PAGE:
Frank, the escaped convict, teaches his captives – Adele and her son, Henry, how to make a peach pie in Maynard’s novel – Labor Day.   Henry grows up to be a pastry chef.

In addition to his homespun tales of his grandmother, 3 cups of flour, a little salt, lard, butter, and ice water, Frank’s secret ingredient is Minute tapioca scattered over the crust before adding the filling –

“just so it looks like salt on a road in winter, when there’s ice – and you’ve seen your last soggy crust.  This stuff soaks up the juices for you, without that cornstarch flavor.”

I decided to give the secret ingredient a try with a pie recipe from Grandmom’s secret stash and Frank’s simple rules and ingredients…

Never overhandle the dough; as little (ice) water as you can get away with; keep all ingredients cold

Grandmom’s Crisco Single Pie Crust (double for 2 crusts):

1 ½ cups sifted flour; ½ tsp salt; 1/4 cup Crisco; 1/4 cup butter; 3tbs cold water

Sift flour before measuring.  Spoon lightly into remaining cup and level without shaking or packing down.  Combine flour and salt into mixing bowl.

With pastry blender or 2 knives, cut in Crisco and butter; mixture should be coarse. Sprinkle with water one tablespoon at a time; toss with fork. Work dough into firm ball with your hands.  Press dough into flat circle with smooth edges.  On lightly floured surface, roll dough to a circle about 1 ½ inches.

Frank’s Peach Filling:

  • 3 lb. peaches
  • 1/3 cup  sugar (or less, if peaches are sweet)
  • 1 tbsp quick-cooking tapioca

Add sugar to peeled and sliced peaches.  Sprinkle tapioca on bottom crust. Add filling.  Cover with top crust, cutting slits for steam and crimping edges.  Put pie plate on cookie sheet to catch drips.  Bake in 350 degree oven for about one hour.  Cool before serving.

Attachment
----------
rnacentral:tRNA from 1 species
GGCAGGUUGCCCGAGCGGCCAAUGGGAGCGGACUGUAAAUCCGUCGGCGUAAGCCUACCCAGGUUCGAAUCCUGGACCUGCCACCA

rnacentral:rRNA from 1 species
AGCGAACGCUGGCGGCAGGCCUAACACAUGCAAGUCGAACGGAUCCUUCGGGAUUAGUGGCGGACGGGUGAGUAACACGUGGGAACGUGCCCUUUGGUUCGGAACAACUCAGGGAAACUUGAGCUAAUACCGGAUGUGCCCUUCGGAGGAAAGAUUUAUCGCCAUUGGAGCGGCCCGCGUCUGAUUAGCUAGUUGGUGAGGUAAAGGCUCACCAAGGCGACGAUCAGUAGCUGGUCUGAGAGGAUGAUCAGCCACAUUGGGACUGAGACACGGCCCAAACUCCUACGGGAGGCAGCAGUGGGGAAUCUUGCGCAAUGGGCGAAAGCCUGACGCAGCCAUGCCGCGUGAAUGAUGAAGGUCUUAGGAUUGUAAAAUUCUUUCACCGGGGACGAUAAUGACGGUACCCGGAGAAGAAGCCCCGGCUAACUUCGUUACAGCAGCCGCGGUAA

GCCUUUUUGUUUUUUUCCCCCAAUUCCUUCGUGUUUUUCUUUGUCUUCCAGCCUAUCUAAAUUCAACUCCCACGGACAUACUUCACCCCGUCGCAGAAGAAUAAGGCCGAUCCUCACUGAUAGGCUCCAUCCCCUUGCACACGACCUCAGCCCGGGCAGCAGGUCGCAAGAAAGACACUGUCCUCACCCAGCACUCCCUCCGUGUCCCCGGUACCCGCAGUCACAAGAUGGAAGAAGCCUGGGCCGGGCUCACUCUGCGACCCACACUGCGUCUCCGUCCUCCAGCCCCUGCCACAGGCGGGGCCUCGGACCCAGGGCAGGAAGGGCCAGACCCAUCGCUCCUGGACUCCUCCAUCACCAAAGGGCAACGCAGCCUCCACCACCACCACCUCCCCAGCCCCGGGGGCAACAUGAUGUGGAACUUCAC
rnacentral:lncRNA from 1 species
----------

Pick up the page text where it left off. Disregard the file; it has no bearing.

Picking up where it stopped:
Hawaii Little League Almost There… Again

Third time is a charm and this is the third time in Waipio’s history that the Little Leaguers have made it to the World Series.   In  2005 and 2008 the Waipio Little League became the World Champions, and Hawaii is looking for it to happen again.

Big game today – the winner earning one of four berths in the Championship Weekend of the Little League Baseball World Series.

Watching Little League is like watching baseball the way it used to be – just fun, only a little politics – Little League is a big deal…

Little League World Map

http://www.littleleague.org/worldseries/index.html

but no steroids.   Batter up!

5 Ingredient Butter Crescents

From Grandmom’s Secret Stash…

Grandmom always liked one bowl easy clean-up and keeping it simple – nice when it tastes good too.

1 stick butter (Earth Balance will let you feel virtuous); 1/2 cup powdered sugar; 1/2 tsp almond extract; 1 cup flour; 1/2 cup chopped nuts (almonds are good but walnuts work if that’s what you have on hand).

Mix all together. (Be sure the butter is soft). Shape into small crescents, pinching the ends. Arrange on ungreased cookie sheet (easier to clean up if you use foil).

Bake about 15 minutes until lightly browned. Cool on wire rack and store in airtight container (unless you eat them first).